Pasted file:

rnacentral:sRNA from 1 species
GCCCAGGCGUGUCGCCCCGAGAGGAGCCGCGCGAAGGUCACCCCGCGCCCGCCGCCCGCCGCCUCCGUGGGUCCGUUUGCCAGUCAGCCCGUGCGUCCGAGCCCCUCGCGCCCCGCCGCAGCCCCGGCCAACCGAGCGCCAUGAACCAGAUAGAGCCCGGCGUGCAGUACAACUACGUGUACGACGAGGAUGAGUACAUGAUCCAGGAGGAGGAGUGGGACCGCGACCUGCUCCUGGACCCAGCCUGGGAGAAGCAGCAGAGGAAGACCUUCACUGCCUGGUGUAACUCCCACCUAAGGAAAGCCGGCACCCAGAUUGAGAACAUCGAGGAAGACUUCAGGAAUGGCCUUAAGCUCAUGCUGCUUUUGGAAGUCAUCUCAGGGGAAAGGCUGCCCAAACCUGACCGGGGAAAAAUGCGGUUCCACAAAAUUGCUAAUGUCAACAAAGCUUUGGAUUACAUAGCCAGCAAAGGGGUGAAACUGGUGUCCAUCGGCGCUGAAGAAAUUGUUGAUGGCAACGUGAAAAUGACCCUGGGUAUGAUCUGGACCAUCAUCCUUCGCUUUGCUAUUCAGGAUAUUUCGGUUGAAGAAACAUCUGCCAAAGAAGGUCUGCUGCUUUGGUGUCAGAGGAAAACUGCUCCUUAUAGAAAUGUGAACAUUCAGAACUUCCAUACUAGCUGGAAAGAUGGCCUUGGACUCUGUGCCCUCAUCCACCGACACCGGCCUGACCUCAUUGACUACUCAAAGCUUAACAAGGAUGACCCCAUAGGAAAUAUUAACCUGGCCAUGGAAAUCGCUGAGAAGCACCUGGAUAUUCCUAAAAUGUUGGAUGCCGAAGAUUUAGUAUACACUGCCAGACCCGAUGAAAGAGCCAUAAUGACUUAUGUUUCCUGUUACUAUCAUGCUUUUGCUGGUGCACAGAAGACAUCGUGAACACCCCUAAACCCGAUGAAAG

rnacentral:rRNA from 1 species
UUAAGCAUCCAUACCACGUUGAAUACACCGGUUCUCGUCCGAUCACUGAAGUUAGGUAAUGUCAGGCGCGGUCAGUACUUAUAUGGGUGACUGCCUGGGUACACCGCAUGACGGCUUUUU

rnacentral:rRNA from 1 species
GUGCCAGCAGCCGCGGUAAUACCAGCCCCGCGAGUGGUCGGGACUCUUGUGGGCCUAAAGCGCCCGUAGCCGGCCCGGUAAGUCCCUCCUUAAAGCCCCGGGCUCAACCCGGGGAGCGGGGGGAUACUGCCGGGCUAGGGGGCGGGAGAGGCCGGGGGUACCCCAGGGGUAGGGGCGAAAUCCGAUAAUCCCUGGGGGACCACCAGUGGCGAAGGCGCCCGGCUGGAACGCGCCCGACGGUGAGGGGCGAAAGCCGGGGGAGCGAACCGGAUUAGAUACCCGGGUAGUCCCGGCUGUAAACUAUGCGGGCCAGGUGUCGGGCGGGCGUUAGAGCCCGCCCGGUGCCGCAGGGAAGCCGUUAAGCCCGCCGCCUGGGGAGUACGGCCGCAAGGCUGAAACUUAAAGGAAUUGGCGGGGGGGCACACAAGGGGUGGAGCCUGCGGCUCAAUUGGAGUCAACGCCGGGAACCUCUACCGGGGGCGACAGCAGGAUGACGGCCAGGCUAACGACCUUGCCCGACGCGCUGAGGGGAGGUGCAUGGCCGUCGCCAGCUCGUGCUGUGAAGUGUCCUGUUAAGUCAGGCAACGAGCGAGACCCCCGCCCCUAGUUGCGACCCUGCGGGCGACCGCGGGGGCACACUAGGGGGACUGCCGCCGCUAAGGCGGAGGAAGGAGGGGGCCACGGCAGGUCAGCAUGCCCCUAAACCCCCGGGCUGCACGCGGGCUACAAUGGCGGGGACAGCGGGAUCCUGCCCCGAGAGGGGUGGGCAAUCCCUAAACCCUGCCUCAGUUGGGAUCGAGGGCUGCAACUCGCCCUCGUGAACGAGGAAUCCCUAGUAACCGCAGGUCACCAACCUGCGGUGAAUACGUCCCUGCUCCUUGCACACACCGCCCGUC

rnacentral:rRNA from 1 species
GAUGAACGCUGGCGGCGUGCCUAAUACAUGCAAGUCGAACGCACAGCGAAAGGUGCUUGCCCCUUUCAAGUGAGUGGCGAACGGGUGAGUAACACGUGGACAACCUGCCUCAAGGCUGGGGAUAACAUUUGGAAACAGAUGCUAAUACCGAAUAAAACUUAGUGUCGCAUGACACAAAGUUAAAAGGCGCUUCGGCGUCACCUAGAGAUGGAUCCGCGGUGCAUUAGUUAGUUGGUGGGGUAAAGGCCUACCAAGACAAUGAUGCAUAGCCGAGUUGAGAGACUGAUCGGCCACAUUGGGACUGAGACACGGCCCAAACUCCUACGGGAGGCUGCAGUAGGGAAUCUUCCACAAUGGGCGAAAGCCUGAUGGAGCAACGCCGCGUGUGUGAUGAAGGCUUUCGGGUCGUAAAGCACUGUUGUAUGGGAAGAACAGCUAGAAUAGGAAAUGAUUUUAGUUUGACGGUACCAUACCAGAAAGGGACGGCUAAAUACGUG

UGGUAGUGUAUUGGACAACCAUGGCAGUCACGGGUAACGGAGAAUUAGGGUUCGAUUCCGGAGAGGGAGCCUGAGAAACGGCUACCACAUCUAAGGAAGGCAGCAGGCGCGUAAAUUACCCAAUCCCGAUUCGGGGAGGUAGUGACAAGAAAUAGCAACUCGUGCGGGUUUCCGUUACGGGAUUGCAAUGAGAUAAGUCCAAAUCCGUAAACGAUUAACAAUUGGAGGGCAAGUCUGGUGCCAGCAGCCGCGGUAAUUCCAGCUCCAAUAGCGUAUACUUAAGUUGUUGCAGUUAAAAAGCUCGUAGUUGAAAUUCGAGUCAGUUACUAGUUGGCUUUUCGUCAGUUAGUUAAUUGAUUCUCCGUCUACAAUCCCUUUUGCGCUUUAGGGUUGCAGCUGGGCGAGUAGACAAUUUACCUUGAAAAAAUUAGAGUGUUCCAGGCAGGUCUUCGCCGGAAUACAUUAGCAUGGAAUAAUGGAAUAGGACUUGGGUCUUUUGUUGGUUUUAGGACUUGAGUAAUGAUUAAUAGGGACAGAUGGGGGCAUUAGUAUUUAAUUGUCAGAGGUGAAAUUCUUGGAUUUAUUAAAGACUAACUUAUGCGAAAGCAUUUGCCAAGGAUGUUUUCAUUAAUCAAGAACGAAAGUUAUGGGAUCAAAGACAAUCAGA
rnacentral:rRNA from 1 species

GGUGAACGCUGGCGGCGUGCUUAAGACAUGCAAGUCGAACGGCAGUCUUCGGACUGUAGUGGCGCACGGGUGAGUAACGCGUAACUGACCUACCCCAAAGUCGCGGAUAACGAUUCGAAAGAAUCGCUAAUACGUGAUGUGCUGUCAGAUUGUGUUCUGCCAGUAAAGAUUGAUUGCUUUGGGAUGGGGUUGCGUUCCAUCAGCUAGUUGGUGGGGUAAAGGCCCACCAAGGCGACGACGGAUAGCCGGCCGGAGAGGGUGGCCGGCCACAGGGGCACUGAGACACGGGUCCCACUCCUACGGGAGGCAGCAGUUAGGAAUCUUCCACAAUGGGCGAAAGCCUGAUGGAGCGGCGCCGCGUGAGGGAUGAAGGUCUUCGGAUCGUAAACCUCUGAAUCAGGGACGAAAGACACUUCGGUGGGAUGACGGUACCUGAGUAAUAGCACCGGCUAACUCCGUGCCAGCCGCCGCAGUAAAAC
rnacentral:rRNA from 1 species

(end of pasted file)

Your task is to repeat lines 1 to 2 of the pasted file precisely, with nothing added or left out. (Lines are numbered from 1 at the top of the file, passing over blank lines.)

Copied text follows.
rnacentral:sRNA from 1 species
GCCCAGGCGUGUCGCCCCGAGAGGAGCCGCGCGAAGGUCACCCCGCGCCCGCCGCCCGCCGCCUCCGUGGGUCCGUUUGCCAGUCAGCCCGUGCGUCCGAGCCCCUCGCGCCCCGCCGCAGCCCCGGCCAACCGAGCGCCAUGAACCAGAUAGAGCCCGGCGUGCAGUACAACUACGUGUACGACGAGGAUGAGUACAUGAUCCAGGAGGAGGAGUGGGACCGCGACCUGCUCCUGGACCCAGCCUGGGAGAAGCAGCAGAGGAAGACCUUCACUGCCUGGUGUAACUCCCACCUAAGGAAAGCCGGCACCCAGAUUGAGAACAUCGAGGAAGACUUCAGGAAUGGCCUUAAGCUCAUGCUGCUUUUGGAAGUCAUCUCAGGGGAAAGGCUGCCCAAACCUGACCGGGGAAAAAUGCGGUUCCACAAAAUUGCUAAUGUCAACAAAGCUUUGGAUUACAUAGCCAGCAAAGGGGUGAAACUGGUGUCCAUCGGCGCUGAAGAAAUUGUUGAUGGCAACGUGAAAAUGACCCUGGGUAUGAUCUGGACCAUCAUCCUUCGCUUUGCUAUUCAGGAUAUUUCGGUUGAAGAAACAUCUGCCAAAGAAGGUCUGCUGCUUUGGUGUCAGAGGAAAACUGCUCCUUAUAGAAAUGUGAACAUUCAGAACUUCCAUACUAGCUGGAAAGAUGGCCUUGGACUCUGUGCCCUCAUCCACCGACACCGGCCUGACCUCAUUGACUACUCAAAGCUUAACAAGGAUGACCCCAUAGGAAAUAUUAACCUGGCCAUGGAAAUCGCUGAGAAGCACCUGGAUAUUCCUAAAAUGUUGGAUGCCGAAGAUUUAGUAUACACUGCCAGACCCGAUGAAAGAGCCAUAAUGACUUAUGUUUCCUGUUACUAUCAUGCUUUUGCUGGUGCACAGAAGACAUCGUGAACACCCCUAAACCCGAUGAAAG